First On 7: Corrupt DEA agent took bribes to help Buffalo Mafia friends evade scrutiny, feds say

Bongiovanni accepted $250,000 in bribes, feds say
Posted at 10:49 AM, Nov 05, 2019
and last updated 2019-11-06 01:30:03-05

BUFFALO, N.Y. (WKBW) — Joseph Bongiovanni, a federal agent with the Drug Enforcement Administration, was supposed to be stopping the flow of drugs into Western New York.

But federal prosecutors say Bongiovanni was doing the opposite.

For more than a decade, the DEA agent orchestrated a corrupt scheme in which he protected his drug-dealing friends who had ties to the Buffalo Mafia, prosecutors say.

In exchange for the protection, the drug dealers paid Bongiovanni more than $250,000 in bribes, according to an indictment unsealed Tuesday morning and obtained exclusively by the 7 Eyewitness News I-Team.

From 2008 to 2017, the DEA agent “provided information about investigations, including the status of specific investigative techniques, potential witnesses, and confidential sources during routine recurring meetings with drug traffickers who were paying him bribes,” stated the indictment, which was filed under seal in federal court last week.

The indictment, secured by U.S. Attorney J.P. Kennedy, states that Bongiovanni protected his drug-dealing friends from federal investigations as they distributed 1,000 kilograms of marijuana and cocaine on the streets of Western New York.

Bongiovanni also shut down criminal investigations by other agents relating to his friends, and even dissuaded witnesses from providing information to a grand jury that would have implicated those friends in their drug trafficking operations, the document states.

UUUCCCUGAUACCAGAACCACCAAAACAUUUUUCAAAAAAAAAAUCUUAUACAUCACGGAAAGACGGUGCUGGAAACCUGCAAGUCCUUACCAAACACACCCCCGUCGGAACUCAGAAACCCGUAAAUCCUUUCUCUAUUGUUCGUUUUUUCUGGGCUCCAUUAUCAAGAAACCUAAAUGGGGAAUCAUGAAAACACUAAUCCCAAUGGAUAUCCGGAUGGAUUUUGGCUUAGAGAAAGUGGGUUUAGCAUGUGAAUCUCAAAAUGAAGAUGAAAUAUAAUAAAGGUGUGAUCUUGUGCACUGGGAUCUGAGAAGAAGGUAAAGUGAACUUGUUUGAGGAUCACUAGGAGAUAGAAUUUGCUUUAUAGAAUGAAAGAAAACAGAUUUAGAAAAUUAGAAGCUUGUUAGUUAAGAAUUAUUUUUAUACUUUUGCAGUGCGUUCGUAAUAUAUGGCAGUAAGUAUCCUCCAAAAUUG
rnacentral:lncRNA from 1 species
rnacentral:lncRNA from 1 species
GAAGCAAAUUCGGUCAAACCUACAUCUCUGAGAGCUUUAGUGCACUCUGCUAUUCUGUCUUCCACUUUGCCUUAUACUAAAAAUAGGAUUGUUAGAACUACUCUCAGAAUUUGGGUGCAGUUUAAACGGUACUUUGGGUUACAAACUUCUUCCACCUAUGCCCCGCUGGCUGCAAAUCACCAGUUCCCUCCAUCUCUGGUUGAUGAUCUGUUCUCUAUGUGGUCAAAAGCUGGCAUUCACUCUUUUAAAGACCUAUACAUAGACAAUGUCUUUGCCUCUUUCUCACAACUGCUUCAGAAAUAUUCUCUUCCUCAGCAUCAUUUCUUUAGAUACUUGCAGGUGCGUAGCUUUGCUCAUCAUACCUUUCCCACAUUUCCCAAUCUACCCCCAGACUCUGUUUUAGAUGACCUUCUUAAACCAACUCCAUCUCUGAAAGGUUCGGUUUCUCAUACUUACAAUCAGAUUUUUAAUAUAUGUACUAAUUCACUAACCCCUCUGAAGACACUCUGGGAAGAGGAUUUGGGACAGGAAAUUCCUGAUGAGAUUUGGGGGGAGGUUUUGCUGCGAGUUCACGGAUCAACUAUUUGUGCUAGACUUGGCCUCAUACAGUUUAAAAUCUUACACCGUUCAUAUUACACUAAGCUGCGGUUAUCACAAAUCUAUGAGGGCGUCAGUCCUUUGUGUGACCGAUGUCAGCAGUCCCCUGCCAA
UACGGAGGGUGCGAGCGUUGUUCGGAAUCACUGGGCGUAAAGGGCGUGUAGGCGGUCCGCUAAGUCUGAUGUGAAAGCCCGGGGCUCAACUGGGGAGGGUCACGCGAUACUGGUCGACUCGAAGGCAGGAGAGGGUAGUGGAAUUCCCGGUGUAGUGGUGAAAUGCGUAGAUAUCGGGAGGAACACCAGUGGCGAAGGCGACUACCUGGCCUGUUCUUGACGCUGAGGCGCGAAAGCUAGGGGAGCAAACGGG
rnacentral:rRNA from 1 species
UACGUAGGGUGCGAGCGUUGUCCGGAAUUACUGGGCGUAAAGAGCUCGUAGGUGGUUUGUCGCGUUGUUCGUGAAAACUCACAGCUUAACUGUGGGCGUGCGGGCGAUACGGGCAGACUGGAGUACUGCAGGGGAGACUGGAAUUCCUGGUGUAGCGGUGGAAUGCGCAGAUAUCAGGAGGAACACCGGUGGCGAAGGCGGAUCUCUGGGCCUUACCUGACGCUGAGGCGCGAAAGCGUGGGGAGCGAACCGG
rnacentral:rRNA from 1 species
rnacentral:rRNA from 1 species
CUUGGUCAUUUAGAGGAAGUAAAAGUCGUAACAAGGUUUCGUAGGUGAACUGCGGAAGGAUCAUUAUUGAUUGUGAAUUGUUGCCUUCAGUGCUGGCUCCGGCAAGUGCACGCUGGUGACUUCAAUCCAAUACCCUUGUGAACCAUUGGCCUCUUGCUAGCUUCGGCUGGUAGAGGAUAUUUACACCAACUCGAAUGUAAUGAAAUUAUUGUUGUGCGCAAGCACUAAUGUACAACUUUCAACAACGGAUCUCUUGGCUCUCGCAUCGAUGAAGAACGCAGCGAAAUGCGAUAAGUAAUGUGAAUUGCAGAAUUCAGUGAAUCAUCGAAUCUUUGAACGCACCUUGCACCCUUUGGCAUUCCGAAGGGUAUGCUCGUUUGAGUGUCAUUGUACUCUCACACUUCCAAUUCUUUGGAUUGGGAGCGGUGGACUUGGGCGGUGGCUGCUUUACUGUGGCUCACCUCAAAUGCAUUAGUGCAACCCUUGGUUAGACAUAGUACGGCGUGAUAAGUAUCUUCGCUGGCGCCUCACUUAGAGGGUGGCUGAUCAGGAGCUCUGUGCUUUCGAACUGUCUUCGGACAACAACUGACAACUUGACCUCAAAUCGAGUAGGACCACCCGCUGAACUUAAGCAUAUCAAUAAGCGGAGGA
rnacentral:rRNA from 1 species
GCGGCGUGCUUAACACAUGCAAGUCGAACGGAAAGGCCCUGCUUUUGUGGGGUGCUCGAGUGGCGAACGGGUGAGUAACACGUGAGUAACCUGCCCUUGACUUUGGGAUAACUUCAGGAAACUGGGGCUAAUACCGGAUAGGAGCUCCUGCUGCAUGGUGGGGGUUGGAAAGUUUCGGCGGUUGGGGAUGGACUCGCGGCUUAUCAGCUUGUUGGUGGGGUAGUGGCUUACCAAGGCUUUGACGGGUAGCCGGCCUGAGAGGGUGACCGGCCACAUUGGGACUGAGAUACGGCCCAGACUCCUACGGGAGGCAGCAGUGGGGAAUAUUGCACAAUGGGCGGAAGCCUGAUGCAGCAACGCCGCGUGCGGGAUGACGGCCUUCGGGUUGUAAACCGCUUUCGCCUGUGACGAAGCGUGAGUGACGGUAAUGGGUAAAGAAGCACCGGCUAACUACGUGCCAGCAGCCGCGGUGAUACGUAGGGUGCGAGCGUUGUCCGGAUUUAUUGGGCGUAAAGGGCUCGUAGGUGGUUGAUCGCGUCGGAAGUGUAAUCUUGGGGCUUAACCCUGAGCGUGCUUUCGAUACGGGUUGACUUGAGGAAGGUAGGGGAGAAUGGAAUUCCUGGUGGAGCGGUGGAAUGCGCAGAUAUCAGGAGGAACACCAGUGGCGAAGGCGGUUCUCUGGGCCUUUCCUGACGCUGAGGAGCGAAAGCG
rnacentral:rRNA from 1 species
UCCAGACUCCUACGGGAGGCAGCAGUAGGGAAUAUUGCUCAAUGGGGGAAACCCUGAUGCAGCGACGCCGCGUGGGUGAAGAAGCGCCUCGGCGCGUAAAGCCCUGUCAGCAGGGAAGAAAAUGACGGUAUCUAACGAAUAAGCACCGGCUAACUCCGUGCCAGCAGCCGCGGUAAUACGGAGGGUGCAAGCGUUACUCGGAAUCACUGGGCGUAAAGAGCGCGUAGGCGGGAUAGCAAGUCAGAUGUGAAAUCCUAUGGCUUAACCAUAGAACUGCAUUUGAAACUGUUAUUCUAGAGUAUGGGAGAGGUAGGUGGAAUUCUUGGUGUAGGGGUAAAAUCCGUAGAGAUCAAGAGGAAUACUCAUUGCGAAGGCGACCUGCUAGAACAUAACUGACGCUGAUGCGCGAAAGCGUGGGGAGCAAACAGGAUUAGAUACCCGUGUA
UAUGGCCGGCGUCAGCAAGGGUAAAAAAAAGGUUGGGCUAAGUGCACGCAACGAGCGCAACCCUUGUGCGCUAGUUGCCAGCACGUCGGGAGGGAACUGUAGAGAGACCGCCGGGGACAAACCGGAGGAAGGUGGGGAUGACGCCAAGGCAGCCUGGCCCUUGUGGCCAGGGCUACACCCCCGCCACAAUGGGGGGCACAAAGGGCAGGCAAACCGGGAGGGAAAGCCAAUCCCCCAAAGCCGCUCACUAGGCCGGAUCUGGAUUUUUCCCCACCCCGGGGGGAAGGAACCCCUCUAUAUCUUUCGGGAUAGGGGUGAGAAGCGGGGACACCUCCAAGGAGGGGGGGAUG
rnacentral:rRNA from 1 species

Bongiovanni’s friends, the indictment states, included “individuals he believed to be members of, connected to, or associated with Italian Organized Crime (IOC) in the Western District of New York and elsewhere.”

That line — suggesting a resurgence of the Buffalo Mafia, thought by many experts to be dead following more than a decade of aggressive federal prosecution — is sure to draw attention. Another line in the indictment states Bongiovanni attempted to “dissuade” a fellow agent from investigating one of his friends “by asking his colleague if he ‘hated italians.’”

After he accepted more than a quarter-million dollars in bribes, Bongiovanni retired from the DEA in February, but not before wiping his work phone of all data and removing a DEA case file and storing it in the basement of his Kenmore home, officials said.

Bongiovanni, who faces 11 federal charges of conspiracy, accepting bribes, obstructing justice and providing false statements, appeared in Federal Court in Buffalo on Tuesday. He was released on $250,000 bond and was ordered to surrender his passport.

“This is an accusation, it’s an allegation,” said Bongiovanni’s attorney, Paul Cambria. “There hasn’t been anything proven at this point.”

Bongiovanni became a DEA agent in 1998 and has worked in the Buffalo office since 2001. Prior to becoming a federal agent, he was an Erie County Sheriff’s Deputy.